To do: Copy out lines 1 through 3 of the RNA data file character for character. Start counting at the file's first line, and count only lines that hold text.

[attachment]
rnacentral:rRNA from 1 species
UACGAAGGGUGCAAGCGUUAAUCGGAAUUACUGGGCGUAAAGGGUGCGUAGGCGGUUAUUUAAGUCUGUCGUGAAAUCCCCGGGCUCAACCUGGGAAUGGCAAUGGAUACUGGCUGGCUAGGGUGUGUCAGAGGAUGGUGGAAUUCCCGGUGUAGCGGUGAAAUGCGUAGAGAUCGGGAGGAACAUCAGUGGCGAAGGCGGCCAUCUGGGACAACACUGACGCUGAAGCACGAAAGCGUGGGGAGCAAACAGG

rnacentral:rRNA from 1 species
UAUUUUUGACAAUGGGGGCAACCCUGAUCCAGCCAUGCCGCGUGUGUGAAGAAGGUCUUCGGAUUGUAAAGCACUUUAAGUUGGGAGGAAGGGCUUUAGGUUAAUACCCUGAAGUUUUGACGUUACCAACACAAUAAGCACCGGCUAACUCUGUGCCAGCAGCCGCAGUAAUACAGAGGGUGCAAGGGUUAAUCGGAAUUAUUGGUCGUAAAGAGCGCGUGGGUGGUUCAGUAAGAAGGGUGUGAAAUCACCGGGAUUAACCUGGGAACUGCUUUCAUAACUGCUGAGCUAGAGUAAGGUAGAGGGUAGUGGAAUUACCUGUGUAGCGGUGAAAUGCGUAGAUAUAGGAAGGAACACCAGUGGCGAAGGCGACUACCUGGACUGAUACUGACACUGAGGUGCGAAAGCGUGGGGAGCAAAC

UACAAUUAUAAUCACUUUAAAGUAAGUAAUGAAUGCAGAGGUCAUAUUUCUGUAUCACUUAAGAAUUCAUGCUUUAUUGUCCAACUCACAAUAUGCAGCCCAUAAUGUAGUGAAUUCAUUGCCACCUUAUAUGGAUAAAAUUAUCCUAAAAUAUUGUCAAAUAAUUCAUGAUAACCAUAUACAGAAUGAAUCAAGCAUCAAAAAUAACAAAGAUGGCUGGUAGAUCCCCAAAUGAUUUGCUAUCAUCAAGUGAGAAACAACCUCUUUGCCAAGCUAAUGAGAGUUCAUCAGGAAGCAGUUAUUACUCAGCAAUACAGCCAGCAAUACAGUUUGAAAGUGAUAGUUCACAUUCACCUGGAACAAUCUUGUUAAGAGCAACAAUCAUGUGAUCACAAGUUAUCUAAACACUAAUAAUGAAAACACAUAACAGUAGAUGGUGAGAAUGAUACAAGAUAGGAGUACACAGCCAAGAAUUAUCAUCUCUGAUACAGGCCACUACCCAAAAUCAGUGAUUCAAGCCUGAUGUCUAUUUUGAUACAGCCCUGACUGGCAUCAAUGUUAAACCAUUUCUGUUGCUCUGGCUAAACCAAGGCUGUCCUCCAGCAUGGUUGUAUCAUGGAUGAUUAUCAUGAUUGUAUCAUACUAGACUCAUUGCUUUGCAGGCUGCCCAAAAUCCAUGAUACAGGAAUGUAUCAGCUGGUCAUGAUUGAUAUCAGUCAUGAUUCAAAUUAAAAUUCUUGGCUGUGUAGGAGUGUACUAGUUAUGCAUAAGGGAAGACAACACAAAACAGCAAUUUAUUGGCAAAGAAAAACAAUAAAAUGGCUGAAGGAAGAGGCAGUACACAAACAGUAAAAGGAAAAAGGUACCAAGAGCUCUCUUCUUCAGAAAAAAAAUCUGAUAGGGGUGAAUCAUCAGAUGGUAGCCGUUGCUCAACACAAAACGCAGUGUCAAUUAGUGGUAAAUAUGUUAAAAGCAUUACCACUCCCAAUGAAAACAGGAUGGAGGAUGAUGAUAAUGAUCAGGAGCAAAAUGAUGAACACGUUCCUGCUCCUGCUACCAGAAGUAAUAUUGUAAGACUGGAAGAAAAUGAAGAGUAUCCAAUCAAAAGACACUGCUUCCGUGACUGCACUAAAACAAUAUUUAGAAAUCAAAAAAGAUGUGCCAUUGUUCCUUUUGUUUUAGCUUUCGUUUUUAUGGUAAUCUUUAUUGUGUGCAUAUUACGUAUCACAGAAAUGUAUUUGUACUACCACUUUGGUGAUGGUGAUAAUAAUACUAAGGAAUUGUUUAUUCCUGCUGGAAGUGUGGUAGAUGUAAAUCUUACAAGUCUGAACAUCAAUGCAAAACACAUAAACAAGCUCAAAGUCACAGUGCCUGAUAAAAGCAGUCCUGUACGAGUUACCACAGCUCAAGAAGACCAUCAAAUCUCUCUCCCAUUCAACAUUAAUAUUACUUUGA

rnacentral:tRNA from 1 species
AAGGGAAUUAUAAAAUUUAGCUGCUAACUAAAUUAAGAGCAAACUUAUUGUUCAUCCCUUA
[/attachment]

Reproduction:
rnacentral:rRNA from 1 species
UACGAAGGGUGCAAGCGUUAAUCGGAAUUACUGGGCGUAAAGGGUGCGUAGGCGGUUAUUUAAGUCUGUCGUGAAAUCCCCGGGCUCAACCUGGGAAUGGCAAUGGAUACUGGCUGGCUAGGGUGUGUCAGAGGAUGGUGGAAUUCCCGGUGUAGCGGUGAAAUGCGUAGAGAUCGGGAGGAACAUCAGUGGCGAAGGCGGCCAUCUGGGACAACACUGACGCUGAAGCACGAAAGCGUGGGGAGCAAACAGG

rnacentral:rRNA from 1 species